FURWARE text/Developers

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This page contains technical information about FURWARE_text and is intended for developers and interested users.


KBtip2.png Tip: If you would like to get more info on specific topics, please leave a note on the discussion page. :)


Terminology and hierarchy of entities

A "set" is a part of a text display consisting of display prims arranged in rows and columns. Each set has a name, usually assigned using the display creator tool. A linkset may contain multiple sets.

A "box" is a virtual text box within a set. Each set always has a (root) box of the size of the set. Each box has a name which is assigned via a parameter to the fw_addbox command. Additional boxes may be added to a set which are then stacked in layers, depending on the order in which the boxes were added.


This yields the following relations:

  • A box is always part of (and fully contained within) a set.
  • A set consists of one or more prims.
  • A prim may have multiple faces.
  • Each face shows one character of text.


The textual content of a box is often referred to as the box's "data" (note that "data" is sometimes also used with a more general meaning).

The text style configuration of a box (or parts of text) is often referred to as (the box's) "conf".


The main data structure for box, set and prim data

Most of the information about the geometry and contents of the displays is stored in a few lists. Some lists contain indices ("pointers") to data in other lists.

Box data

  • "boxNameList" is a list containing the names of the boxes one after another. The reason for having the box names in a separate list (i.e. not part of "boxDataList", see below) is that the names shall be quickly searchable. For instance, when new text is received, the index of a box given its name must be retrieved.
  • "boxDataList" is a strided list containing more information about each box. One stride contains:
    • The box's text content (string).
    • The box's style configuration (string).
    • A bit-packed integer containing the box's layer (4 bits), the index of the set the box is part of (8 bits), dirty flags (2 bits), two reserved bits and the layer override bits (16 bits).
    • The box's geometry (column offset, row offset, width, height) (rotation).

Set data

  • "setDataList" is a strided list containing information about each set. One stride contains:
    • The set's geometry (number of prim columns and rows, face count) (vector).
    • A pointer to the start of the prim data stored in the "prim*List"-lists (integer).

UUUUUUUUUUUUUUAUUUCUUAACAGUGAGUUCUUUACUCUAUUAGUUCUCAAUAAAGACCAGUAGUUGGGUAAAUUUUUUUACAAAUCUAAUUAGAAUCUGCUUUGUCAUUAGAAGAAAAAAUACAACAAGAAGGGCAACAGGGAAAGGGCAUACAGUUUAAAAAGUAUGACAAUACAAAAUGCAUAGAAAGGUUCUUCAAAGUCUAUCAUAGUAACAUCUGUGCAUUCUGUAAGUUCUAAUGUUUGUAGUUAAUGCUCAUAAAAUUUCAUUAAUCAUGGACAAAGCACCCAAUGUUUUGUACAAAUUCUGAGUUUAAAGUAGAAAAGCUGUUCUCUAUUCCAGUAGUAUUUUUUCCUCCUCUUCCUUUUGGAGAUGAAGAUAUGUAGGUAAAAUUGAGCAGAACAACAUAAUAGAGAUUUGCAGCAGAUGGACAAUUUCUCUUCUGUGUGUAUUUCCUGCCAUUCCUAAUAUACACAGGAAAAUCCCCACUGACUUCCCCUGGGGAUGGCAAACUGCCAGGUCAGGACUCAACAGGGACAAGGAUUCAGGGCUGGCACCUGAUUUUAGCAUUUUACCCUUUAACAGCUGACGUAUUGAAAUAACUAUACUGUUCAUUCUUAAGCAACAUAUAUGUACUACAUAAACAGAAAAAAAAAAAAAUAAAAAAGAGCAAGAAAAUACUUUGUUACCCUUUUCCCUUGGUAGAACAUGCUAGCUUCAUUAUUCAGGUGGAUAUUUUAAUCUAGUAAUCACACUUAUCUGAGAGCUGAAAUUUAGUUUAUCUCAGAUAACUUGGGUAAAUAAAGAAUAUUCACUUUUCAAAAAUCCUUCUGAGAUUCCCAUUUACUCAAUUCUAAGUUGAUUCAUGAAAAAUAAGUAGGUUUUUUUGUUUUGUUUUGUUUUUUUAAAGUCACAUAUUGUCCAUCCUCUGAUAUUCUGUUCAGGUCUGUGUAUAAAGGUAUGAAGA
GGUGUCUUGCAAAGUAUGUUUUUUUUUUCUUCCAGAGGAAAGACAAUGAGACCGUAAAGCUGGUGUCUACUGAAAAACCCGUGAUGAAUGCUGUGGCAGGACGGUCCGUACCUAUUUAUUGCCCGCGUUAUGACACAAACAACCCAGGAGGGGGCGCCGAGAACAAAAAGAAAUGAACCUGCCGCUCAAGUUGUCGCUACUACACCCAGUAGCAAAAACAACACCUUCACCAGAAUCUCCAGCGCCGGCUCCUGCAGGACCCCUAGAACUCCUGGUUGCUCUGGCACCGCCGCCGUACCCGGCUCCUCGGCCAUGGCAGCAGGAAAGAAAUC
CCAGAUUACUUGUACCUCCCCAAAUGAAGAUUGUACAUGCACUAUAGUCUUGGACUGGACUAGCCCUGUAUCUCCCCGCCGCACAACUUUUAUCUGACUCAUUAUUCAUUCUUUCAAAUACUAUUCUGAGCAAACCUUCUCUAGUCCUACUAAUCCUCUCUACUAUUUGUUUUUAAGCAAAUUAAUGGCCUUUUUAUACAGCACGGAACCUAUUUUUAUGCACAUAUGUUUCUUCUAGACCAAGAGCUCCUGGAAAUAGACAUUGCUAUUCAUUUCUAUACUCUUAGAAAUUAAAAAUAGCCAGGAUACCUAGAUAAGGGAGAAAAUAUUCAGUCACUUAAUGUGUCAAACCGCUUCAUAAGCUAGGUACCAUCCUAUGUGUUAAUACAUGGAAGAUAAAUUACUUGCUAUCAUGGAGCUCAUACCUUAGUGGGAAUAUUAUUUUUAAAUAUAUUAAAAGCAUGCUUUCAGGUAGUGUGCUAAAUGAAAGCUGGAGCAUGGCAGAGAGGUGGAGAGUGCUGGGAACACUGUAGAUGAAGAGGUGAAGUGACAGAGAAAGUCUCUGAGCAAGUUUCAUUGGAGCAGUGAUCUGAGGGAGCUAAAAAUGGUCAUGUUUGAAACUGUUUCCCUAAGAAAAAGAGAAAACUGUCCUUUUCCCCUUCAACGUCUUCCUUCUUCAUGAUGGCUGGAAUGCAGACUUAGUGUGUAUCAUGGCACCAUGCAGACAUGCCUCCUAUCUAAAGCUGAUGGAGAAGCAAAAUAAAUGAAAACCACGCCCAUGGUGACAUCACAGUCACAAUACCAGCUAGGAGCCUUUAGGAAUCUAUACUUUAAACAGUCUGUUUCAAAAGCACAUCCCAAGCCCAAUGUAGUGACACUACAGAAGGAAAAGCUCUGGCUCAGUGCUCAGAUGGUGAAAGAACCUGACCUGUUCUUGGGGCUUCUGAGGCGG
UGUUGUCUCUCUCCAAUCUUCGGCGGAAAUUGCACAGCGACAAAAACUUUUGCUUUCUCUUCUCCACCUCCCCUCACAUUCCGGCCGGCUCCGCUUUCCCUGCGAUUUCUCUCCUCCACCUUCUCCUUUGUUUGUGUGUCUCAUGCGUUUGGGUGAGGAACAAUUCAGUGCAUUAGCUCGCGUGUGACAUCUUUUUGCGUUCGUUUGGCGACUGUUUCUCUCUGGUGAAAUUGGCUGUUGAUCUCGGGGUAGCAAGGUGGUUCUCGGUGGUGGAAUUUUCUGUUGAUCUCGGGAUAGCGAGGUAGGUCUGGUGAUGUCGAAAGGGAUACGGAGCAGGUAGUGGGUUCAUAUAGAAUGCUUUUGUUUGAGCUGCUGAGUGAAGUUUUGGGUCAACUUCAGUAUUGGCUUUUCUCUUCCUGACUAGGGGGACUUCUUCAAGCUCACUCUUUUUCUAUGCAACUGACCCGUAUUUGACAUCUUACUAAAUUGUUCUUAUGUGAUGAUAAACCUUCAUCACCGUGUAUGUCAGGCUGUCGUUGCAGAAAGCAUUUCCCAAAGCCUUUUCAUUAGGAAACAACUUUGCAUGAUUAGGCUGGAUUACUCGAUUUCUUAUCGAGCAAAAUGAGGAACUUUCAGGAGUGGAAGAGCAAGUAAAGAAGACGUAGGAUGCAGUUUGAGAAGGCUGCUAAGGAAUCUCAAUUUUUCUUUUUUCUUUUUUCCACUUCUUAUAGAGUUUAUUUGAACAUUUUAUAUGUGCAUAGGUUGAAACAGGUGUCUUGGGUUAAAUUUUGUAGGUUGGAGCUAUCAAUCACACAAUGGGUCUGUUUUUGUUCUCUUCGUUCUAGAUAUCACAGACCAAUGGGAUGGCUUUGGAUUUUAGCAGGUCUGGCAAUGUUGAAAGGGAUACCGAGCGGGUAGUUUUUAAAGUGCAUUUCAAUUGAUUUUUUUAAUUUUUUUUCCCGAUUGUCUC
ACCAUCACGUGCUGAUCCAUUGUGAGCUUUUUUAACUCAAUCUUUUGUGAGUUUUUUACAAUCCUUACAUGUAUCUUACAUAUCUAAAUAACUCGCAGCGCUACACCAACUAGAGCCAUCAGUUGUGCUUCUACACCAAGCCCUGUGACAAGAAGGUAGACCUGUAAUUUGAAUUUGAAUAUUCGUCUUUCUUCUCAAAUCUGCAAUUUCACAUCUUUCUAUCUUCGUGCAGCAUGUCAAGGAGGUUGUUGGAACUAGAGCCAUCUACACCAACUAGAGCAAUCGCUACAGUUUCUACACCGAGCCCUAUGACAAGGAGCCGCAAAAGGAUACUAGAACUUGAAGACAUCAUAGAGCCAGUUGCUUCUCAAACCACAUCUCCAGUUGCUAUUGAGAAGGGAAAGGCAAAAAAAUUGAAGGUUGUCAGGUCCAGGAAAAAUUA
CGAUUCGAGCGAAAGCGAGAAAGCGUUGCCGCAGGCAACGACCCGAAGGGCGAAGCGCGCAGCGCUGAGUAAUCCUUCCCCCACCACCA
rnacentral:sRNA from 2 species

Prim data

  • "primLinkList" contains the link numbers of the prims, ordered by sets, rows and columns. The link numbers are not bit-packed because they shall be quickly searchable, e.g. when performing touch queries.
  • "primFillList" contains bit-packed integers storing the state of each face on the respective prim. "The state" of a face means whether it is currently known to be showing whitespace or non-whitespace. This information is used as a cache to avoid SetPrimitiveParams-calls when not necessary.
  • "primLayerList" contains bit-packed integers that store the assignment of faces to layers. The 32 bits of the integer are split into 4 bits for each face and thus each face may be assigned one of 16 different layer IDs. This information is used during rendering to quickly determine which layer a given face of a given prim belongs to.


Basic flow of events

This images is an attempt to visualize the basic flow of events and functions inside FURWARE text when a command that modifies the layout or contents of the display is received.


FURWARE text basic event flow.png


The initialization routine

To do


The link_message(...)-handler

To do


The setDirty(...)-function

This functions stands between the parsing of commands in link_message(...) and the actual rendering in refresh(...). The parameters are as follows:

integer action

One of the integer constants ACTION_CONTENT, ACTION_ADD_BOX or ACTION_DEL_BOX. This tells us what basic type of action shall be performed (for instance, setting new text is of type ACTION_CONTENT). This type is stored in a global variable and is reset in a call to refresh(...).

The reason for storing this information is the delayed refresh mechanism (which is in turn one of the reasons why setDirty(...) was introduced as a buffer between parsing and refreshing in the first place). At the end of setDirty(...), a timer is started with a quite short interval. The timer()-event merely calls refresh() once it fires. However, until then, more link_message(...)-events may be received and parsed which basically allows us to aggregate multiple commands (for instance, setting text for different boxes) before starting an actual refresh. This can yield a huge performance gain in some situations. Note that the timer is not restarted if the last action is already set to something else than 0 which "guarantees" that the timer will fire at some point, even if a constant stream of commands is received.

However, there's a catch. If we would just go and postpone all kinds of actions like setting text, styles, variables, adding and deleting boxes, we would end up with a mess and destroyed data structures (think about the details if you like, but it will make your head hurt). This is where the distinction between the different types of operations comes into play.